MJ - When did Origin expand to offer additional services? What year? (MJ, living it in Chamonix, France)
This happened around 1998 when we went to Colorado. Our roles changes there because we were working with people who needed re-branding. It was a really important one and positioned us as brand specialists and brand strategists.
When I came on to Origin in the late nineties, I really saw a lot of opportunity for the firm to grow. It’s natural when you pair marketing with design. With my marketing background and big agency experience, I could see what we could offer that was so unique; taking the best of big agency thinking and expertise but pairing it with a small creative shop approach.
So can you give us the line up of Origin’s services?
MJ: I’d say we’re brand, creative and marketing strategists first and foremost. But a large portion of our business is built around the design that falls out of those strategies. We do both print and web-based design and development. We also have a segment to our business that is about brand activation. This comes in the form of branded retail environments, brand engagement in the form of grassroots marketing and public relations as well as community and social media marketing. This is going to be an important focus for us since our industry is so focused on youth.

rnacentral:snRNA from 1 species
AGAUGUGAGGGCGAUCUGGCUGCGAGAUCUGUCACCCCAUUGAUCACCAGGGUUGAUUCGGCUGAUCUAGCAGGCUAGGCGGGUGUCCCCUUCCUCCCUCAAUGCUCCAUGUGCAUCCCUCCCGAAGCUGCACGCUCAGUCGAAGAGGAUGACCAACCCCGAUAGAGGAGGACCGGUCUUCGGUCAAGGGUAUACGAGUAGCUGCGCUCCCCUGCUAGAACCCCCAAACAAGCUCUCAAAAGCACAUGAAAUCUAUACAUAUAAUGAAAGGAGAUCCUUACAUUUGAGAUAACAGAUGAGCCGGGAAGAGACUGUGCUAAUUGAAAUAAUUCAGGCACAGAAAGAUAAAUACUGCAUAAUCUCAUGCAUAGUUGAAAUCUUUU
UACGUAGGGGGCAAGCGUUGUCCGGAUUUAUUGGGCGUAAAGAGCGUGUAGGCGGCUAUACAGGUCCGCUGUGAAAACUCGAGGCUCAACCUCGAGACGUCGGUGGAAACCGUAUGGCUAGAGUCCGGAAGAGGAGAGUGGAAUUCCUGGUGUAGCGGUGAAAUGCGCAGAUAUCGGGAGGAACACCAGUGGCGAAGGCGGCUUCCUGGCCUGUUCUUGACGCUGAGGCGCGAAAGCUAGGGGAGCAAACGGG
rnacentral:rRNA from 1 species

Gen Y is so much about pull instead of push. They don’t want to be told, they don’t want to do anything that they don’t want to do, they want to find it on their own, and they want to talk about it. Responding to these changing marketing environments is where we intend to focus our business in the future.
How deep does your firm’s expertise run within each segment of your business?